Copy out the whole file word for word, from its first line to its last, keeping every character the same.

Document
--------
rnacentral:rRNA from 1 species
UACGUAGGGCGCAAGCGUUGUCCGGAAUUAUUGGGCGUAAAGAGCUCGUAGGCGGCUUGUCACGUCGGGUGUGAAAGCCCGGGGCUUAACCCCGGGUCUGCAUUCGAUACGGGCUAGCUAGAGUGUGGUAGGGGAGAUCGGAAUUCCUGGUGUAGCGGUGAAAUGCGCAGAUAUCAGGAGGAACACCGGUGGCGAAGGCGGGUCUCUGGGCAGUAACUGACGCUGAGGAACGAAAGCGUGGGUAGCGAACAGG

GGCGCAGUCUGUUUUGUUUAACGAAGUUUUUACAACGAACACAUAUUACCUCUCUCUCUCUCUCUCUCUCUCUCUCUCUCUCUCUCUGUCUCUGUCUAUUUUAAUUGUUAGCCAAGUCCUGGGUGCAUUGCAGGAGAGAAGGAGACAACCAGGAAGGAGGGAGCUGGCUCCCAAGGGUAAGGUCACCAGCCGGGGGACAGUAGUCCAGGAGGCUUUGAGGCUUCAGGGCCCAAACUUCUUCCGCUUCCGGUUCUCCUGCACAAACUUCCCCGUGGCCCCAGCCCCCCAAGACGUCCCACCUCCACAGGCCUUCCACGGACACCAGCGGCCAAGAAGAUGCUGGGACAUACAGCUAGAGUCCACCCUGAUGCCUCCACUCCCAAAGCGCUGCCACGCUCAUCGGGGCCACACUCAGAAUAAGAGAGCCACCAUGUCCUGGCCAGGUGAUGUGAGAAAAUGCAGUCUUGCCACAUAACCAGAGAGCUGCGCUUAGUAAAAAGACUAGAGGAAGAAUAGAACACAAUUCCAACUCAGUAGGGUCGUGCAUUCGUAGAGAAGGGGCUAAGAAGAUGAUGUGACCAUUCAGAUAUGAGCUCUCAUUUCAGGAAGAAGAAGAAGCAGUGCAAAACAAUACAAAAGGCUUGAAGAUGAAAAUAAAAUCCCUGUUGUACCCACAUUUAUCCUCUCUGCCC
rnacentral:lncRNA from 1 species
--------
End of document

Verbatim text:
rnacentral:rRNA from 1 species
UACGUAGGGCGCAAGCGUUGUCCGGAAUUAUUGGGCGUAAAGAGCUCGUAGGCGGCUUGUCACGUCGGGUGUGAAAGCCCGGGGCUUAACCCCGGGUCUGCAUUCGAUACGGGCUAGCUAGAGUGUGGUAGGGGAGAUCGGAAUUCCUGGUGUAGCGGUGAAAUGCGCAGAUAUCAGGAGGAACACCGGUGGCGAAGGCGGGUCUCUGGGCAGUAACUGACGCUGAGGAACGAAAGCGUGGGUAGCGAACAGG

GGCGCAGUCUGUUUUGUUUAACGAAGUUUUUACAACGAACACAUAUUACCUCUCUCUCUCUCUCUCUCUCUCUCUCUCUCUCUCUCUGUCUCUGUCUAUUUUAAUUGUUAGCCAAGUCCUGGGUGCAUUGCAGGAGAGAAGGAGACAACCAGGAAGGAGGGAGCUGGCUCCCAAGGGUAAGGUCACCAGCCGGGGGACAGUAGUCCAGGAGGCUUUGAGGCUUCAGGGCCCAAACUUCUUCCGCUUCCGGUUCUCCUGCACAAACUUCCCCGUGGCCCCAGCCCCCCAAGACGUCCCACCUCCACAGGCCUUCCACGGACACCAGCGGCCAAGAAGAUGCUGGGACAUACAGCUAGAGUCCACCCUGAUGCCUCCACUCCCAAAGCGCUGCCACGCUCAUCGGGGCCACACUCAGAAUAAGAGAGCCACCAUGUCCUGGCCAGGUGAUGUGAGAAAAUGCAGUCUUGCCACAUAACCAGAGAGCUGCGCUUAGUAAAAAGACUAGAGGAAGAAUAGAACACAAUUCCAACUCAGUAGGGUCGUGCAUUCGUAGAGAAGGGGCUAAGAAGAUGAUGUGACCAUUCAGAUAUGAGCUCUCAUUUCAGGAAGAAGAAGAAGCAGUGCAAAACAAUACAAAAGGCUUGAAGAUGAAAAUAAAAUCCCUGUUGUACCCACAUUUAUCCUCUCUGCCC
rnacentral:lncRNA from 1 species